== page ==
All eyes were on the sky early in the morning of July 4, as NASA guided Deep Impact’s 820-pound probe into a 6.3-miles-per second collision with comet Temple I—the first direct encounter with a comet. The probe and its mother ship captured some breathtaking images of the comet’s nucleus and the resulting explosion, but they were not the only ones collecting data that night. More than 60 observatories watched from Earth, along with several more from space. “Here’s an event that everybody knew exactly to the second was coming, and all these impressive instruments were able to train themselves on it,” said Gary Melnick, senior astrophysicist at the Harvard-Smithsonian Center for Astrophysics.
What some of the groups witnessed:
The deep impact mother ship. Not surprisingly, the most dramatic views came from the Deep Impact mother ship, which came as close as 310 miles to the comet. It had less than 14 minutes to gather information before passing around the far side of the comet. Still, in that short time the ship took more than 4,500 images. They revealed that the impact ejected a cloud of very fine dust, closer in consistency to talcum powder than beach sand. Scientists are still trying to determine the diameter of the crater that was formed, but they believe it is on the high end of their original estimated range of 150 to 800 feet.
United Kingdom Infrared Telescope, Hawaii. The first large research observatory to detect the success of the mission, this telescope measured the effects of the encounter even before the confirmation signal from Deep Impact reached mission control at the Jet Propulsion Laboratory in Pasadena. The flare from the explosion was detected with the observatory’s visible-light camera, which measured the comet’s brightness directly, so astronomers did not have to wait for any data to be processed.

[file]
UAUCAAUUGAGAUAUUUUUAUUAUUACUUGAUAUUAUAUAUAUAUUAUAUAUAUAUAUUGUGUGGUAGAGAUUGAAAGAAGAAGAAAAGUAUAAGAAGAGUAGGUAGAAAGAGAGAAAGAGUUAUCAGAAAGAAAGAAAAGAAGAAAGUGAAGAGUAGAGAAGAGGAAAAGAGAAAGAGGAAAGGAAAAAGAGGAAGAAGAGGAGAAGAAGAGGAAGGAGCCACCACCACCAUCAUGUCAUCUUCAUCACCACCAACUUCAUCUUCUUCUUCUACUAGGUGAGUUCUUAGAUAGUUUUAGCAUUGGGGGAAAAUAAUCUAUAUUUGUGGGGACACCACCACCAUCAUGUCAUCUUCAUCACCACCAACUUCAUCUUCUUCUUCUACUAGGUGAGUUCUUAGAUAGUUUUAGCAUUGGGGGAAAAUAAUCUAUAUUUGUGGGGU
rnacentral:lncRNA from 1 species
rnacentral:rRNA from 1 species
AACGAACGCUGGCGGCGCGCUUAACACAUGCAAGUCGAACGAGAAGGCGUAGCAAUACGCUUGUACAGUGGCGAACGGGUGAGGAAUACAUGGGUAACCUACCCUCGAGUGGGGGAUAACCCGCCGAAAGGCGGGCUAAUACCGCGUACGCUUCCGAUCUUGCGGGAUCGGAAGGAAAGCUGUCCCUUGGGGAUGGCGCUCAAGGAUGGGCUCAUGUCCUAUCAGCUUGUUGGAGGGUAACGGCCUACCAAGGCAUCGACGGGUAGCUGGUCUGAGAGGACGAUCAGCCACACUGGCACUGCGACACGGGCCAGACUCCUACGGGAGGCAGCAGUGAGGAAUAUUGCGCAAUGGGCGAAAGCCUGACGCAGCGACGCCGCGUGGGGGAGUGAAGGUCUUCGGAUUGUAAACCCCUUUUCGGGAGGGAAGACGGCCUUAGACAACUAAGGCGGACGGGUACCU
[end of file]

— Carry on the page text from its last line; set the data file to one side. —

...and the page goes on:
Hubble Space Telescope. The Hubble captured six photographs of comet Temple I in the 24 hours after the collision. Although the comet’s potato-shaped nucleus, a mere 8.7 miles wide by 2.5 miles long, was too small for the Hubble to resolve, the glow created by the impact—10 times brighter than Temple I was before the explosion—was clearly seen. The series of pictures shows a fan of debris expanding from the impact site at about 450 miles per hour.
NASA’s Swift Satellite. Swift measured the X-rays emitted when debris expanding outward from the comet was exposed to solar wind. In the week after the collision, the intensity of the X-rays continued to climb as dust migrated outwards. From preliminary data, researchers estimated that several tens of thousands of tons of material were ejected—enough to bury Penn State’s football field in 30 feet of dust, Swift researchers at Penn State were quick to note.
Submillimeter Wave Astronomy Satellite. SWAS had been hibernating for almost a year when researchers brought it out of retirement to study the Deep Impact event. Early data show that comet Temple I released only about 550 pounds of water per second after the impact—a rate very similar to what it was emitting before. This means the probe did not disturb the ice that many researchers thought existed a few feet below the comet’s surface. The result challenges the traditional idea that comets are made mostly of ice.
“It may still be a ‘dirty ice ball,’” says SWAS lead researcher Melnick, but to find out he will have to wait for other observatories to calculate exactly how much dust was ejected. “Then we’ll be able to put the dearth of water generated by that impact into better perspective,” he says. “Probably most of what can be attributed to the impact has taken place—all the pieces of the puzzle have been dumped on the table. Now we’re witnessing what science does: turns the pieces over, shifts them around on the table, and fits them together.”